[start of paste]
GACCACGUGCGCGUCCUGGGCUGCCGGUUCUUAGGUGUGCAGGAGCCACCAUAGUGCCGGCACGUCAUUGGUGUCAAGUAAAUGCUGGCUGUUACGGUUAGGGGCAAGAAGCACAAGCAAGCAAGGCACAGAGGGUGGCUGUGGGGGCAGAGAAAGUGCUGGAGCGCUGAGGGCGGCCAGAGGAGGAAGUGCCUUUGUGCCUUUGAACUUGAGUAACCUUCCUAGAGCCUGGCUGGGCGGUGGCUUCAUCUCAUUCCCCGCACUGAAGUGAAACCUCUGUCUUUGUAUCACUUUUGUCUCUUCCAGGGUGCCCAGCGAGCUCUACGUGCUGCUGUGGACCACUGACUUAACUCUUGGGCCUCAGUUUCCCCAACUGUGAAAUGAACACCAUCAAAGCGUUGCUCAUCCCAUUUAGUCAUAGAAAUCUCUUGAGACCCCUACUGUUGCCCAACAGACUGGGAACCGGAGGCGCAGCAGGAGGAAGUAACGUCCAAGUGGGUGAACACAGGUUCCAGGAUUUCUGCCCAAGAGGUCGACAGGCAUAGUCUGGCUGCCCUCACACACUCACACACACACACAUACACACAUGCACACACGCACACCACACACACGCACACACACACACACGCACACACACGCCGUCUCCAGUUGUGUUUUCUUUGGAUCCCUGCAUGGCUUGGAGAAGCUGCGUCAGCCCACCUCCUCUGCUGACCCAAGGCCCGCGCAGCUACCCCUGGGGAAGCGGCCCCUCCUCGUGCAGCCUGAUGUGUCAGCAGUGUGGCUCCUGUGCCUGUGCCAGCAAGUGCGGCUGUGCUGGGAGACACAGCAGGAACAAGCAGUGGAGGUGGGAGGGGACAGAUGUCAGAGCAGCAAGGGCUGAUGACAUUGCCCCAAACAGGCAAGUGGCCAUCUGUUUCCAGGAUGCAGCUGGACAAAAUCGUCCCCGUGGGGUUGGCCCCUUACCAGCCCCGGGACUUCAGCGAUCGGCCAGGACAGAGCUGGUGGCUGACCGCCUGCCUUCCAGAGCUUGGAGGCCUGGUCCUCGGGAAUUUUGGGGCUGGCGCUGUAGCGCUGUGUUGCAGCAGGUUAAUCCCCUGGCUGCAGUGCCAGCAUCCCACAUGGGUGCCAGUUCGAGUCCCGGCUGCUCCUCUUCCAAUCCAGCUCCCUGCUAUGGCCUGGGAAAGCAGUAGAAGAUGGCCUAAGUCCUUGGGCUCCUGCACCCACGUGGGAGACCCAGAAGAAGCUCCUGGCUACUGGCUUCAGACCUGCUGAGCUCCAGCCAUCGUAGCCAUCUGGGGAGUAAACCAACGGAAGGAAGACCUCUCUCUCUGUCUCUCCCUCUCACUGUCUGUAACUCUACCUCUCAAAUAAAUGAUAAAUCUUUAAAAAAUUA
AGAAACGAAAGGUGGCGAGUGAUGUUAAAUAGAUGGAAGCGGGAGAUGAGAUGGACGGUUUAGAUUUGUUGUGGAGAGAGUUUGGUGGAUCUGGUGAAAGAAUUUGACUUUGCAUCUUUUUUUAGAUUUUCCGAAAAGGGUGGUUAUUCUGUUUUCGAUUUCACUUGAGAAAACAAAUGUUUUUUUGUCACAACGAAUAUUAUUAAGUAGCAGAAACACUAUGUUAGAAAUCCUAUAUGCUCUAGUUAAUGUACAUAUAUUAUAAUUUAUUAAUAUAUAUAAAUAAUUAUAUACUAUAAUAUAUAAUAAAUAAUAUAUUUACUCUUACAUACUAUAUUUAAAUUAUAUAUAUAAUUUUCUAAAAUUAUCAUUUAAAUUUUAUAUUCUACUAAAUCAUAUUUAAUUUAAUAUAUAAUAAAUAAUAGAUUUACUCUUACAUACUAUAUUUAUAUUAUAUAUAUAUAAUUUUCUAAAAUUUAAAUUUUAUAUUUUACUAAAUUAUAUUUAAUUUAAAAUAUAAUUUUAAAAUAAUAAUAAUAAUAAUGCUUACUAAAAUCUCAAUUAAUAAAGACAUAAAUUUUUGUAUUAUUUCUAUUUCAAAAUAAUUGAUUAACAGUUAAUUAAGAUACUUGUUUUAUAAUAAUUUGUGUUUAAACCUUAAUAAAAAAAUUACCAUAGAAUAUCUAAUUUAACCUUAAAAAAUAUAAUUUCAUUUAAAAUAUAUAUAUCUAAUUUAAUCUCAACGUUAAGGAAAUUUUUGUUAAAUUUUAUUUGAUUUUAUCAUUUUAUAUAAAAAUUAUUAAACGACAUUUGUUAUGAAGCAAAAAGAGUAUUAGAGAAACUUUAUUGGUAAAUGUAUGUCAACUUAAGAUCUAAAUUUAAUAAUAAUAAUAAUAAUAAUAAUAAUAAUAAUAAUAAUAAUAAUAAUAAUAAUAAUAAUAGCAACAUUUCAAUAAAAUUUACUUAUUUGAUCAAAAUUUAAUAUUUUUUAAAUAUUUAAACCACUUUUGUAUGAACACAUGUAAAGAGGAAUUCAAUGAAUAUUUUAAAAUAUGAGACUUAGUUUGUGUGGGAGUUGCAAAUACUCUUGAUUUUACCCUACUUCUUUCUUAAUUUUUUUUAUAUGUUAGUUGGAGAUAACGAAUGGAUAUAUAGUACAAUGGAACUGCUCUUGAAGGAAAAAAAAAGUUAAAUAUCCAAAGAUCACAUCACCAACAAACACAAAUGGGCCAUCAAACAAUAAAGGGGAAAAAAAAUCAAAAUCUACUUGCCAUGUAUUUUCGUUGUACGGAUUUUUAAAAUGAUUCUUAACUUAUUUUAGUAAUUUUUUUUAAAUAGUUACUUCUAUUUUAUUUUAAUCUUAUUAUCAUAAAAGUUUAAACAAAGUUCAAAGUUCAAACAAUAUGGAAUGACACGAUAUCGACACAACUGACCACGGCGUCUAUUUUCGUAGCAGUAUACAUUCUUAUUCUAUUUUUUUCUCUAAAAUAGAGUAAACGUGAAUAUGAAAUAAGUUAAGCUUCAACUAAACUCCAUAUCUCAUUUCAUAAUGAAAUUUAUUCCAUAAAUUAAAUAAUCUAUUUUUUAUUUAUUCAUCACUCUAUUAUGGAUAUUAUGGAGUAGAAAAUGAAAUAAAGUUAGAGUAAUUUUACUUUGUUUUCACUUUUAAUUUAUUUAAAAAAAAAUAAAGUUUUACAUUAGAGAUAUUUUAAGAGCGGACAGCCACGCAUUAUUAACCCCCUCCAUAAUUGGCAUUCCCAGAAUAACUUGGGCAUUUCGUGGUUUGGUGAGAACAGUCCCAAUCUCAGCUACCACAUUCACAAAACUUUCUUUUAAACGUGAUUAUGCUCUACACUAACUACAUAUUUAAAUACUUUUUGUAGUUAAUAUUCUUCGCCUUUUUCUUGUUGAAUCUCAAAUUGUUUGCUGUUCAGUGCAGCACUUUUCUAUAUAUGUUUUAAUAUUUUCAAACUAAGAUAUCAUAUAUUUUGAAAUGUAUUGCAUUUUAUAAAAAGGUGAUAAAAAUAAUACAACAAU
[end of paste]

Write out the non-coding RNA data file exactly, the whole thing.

GACCACGUGCGCGUCCUGGGCUGCCGGUUCUUAGGUGUGCAGGAGCCACCAUAGUGCCGGCACGUCAUUGGUGUCAAGUAAAUGCUGGCUGUUACGGUUAGGGGCAAGAAGCACAAGCAAGCAAGGCACAGAGGGUGGCUGUGGGGGCAGAGAAAGUGCUGGAGCGCUGAGGGCGGCCAGAGGAGGAAGUGCCUUUGUGCCUUUGAACUUGAGUAACCUUCCUAGAGCCUGGCUGGGCGGUGGCUUCAUCUCAUUCCCCGCACUGAAGUGAAACCUCUGUCUUUGUAUCACUUUUGUCUCUUCCAGGGUGCCCAGCGAGCUCUACGUGCUGCUGUGGACCACUGACUUAACUCUUGGGCCUCAGUUUCCCCAACUGUGAAAUGAACACCAUCAAAGCGUUGCUCAUCCCAUUUAGUCAUAGAAAUCUCUUGAGACCCCUACUGUUGCCCAACAGACUGGGAACCGGAGGCGCAGCAGGAGGAAGUAACGUCCAAGUGGGUGAACACAGGUUCCAGGAUUUCUGCCCAAGAGGUCGACAGGCAUAGUCUGGCUGCCCUCACACACUCACACACACACACAUACACACAUGCACACACGCACACCACACACACGCACACACACACACACGCACACACACGCCGUCUCCAGUUGUGUUUUCUUUGGAUCCCUGCAUGGCUUGGAGAAGCUGCGUCAGCCCACCUCCUCUGCUGACCCAAGGCCCGCGCAGCUACCCCUGGGGAAGCGGCCCCUCCUCGUGCAGCCUGAUGUGUCAGCAGUGUGGCUCCUGUGCCUGUGCCAGCAAGUGCGGCUGUGCUGGGAGACACAGCAGGAACAAGCAGUGGAGGUGGGAGGGGACAGAUGUCAGAGCAGCAAGGGCUGAUGACAUUGCCCCAAACAGGCAAGUGGCCAUCUGUUUCCAGGAUGCAGCUGGACAAAAUCGUCCCCGUGGGGUUGGCCCCUUACCAGCCCCGGGACUUCAGCGAUCGGCCAGGACAGAGCUGGUGGCUGACCGCCUGCCUUCCAGAGCUUGGAGGCCUGGUCCUCGGGAAUUUUGGGGCUGGCGCUGUAGCGCUGUGUUGCAGCAGGUUAAUCCCCUGGCUGCAGUGCCAGCAUCCCACAUGGGUGCCAGUUCGAGUCCCGGCUGCUCCUCUUCCAAUCCAGCUCCCUGCUAUGGCCUGGGAAAGCAGUAGAAGAUGGCCUAAGUCCUUGGGCUCCUGCACCCACGUGGGAGACCCAGAAGAAGCUCCUGGCUACUGGCUUCAGACCUGCUGAGCUCCAGCCAUCGUAGCCAUCUGGGGAGUAAACCAACGGAAGGAAGACCUCUCUCUCUGUCUCUCCCUCUCACUGUCUGUAACUCUACCUCUCAAAUAAAUGAUAAAUCUUUAAAAAAUUA
AGAAACGAAAGGUGGCGAGUGAUGUUAAAUAGAUGGAAGCGGGAGAUGAGAUGGACGGUUUAGAUUUGUUGUGGAGAGAGUUUGGUGGAUCUGGUGAAAGAAUUUGACUUUGCAUCUUUUUUUAGAUUUUCCGAAAAGGGUGGUUAUUCUGUUUUCGAUUUCACUUGAGAAAACAAAUGUUUUUUUGUCACAACGAAUAUUAUUAAGUAGCAGAAACACUAUGUUAGAAAUCCUAUAUGCUCUAGUUAAUGUACAUAUAUUAUAAUUUAUUAAUAUAUAUAAAUAAUUAUAUACUAUAAUAUAUAAUAAAUAAUAUAUUUACUCUUACAUACUAUAUUUAAAUUAUAUAUAUAAUUUUCUAAAAUUAUCAUUUAAAUUUUAUAUUCUACUAAAUCAUAUUUAAUUUAAUAUAUAAUAAAUAAUAGAUUUACUCUUACAUACUAUAUUUAUAUUAUAUAUAUAUAAUUUUCUAAAAUUUAAAUUUUAUAUUUUACUAAAUUAUAUUUAAUUUAAAAUAUAAUUUUAAAAUAAUAAUAAUAAUAAUGCUUACUAAAAUCUCAAUUAAUAAAGACAUAAAUUUUUGUAUUAUUUCUAUUUCAAAAUAAUUGAUUAACAGUUAAUUAAGAUACUUGUUUUAUAAUAAUUUGUGUUUAAACCUUAAUAAAAAAAUUACCAUAGAAUAUCUAAUUUAACCUUAAAAAAUAUAAUUUCAUUUAAAAUAUAUAUAUCUAAUUUAAUCUCAACGUUAAGGAAAUUUUUGUUAAAUUUUAUUUGAUUUUAUCAUUUUAUAUAAAAAUUAUUAAACGACAUUUGUUAUGAAGCAAAAAGAGUAUUAGAGAAACUUUAUUGGUAAAUGUAUGUCAACUUAAGAUCUAAAUUUAAUAAUAAUAAUAAUAAUAAUAAUAAUAAUAAUAAUAAUAAUAAUAAUAAUAAUAAUAAUAGCAACAUUUCAAUAAAAUUUACUUAUUUGAUCAAAAUUUAAUAUUUUUUAAAUAUUUAAACCACUUUUGUAUGAACACAUGUAAAGAGGAAUUCAAUGAAUAUUUUAAAAUAUGAGACUUAGUUUGUGUGGGAGUUGCAAAUACUCUUGAUUUUACCCUACUUCUUUCUUAAUUUUUUUUAUAUGUUAGUUGGAGAUAACGAAUGGAUAUAUAGUACAAUGGAACUGCUCUUGAAGGAAAAAAAAAGUUAAAUAUCCAAAGAUCACAUCACCAACAAACACAAAUGGGCCAUCAAACAAUAAAGGGGAAAAAAAAUCAAAAUCUACUUGCCAUGUAUUUUCGUUGUACGGAUUUUUAAAAUGAUUCUUAACUUAUUUUAGUAAUUUUUUUUAAAUAGUUACUUCUAUUUUAUUUUAAUCUUAUUAUCAUAAAAGUUUAAACAAAGUUCAAAGUUCAAACAAUAUGGAAUGACACGAUAUCGACACAACUGACCACGGCGUCUAUUUUCGUAGCAGUAUACAUUCUUAUUCUAUUUUUUUCUCUAAAAUAGAGUAAACGUGAAUAUGAAAUAAGUUAAGCUUCAACUAAACUCCAUAUCUCAUUUCAUAAUGAAAUUUAUUCCAUAAAUUAAAUAAUCUAUUUUUUAUUUAUUCAUCACUCUAUUAUGGAUAUUAUGGAGUAGAAAAUGAAAUAAAGUUAGAGUAAUUUUACUUUGUUUUCACUUUUAAUUUAUUUAAAAAAAAAUAAAGUUUUACAUUAGAGAUAUUUUAAGAGCGGACAGCCACGCAUUAUUAACCCCCUCCAUAAUUGGCAUUCCCAGAAUAACUUGGGCAUUUCGUGGUUUGGUGAGAACAGUCCCAAUCUCAGCUACCACAUUCACAAAACUUUCUUUUAAACGUGAUUAUGCUCUACACUAACUACAUAUUUAAAUACUUUUUGUAGUUAAUAUUCUUCGCCUUUUUCUUGUUGAAUCUCAAAUUGUUUGCUGUUCAGUGCAGCACUUUUCUAUAUAUGUUUUAAUAUUUUCAAACUAAGAUAUCAUAUAUUUUGAAAUGUAUUGCAUUUUAUAAAAAGGUGAUAAAAAUAAUACAACAAU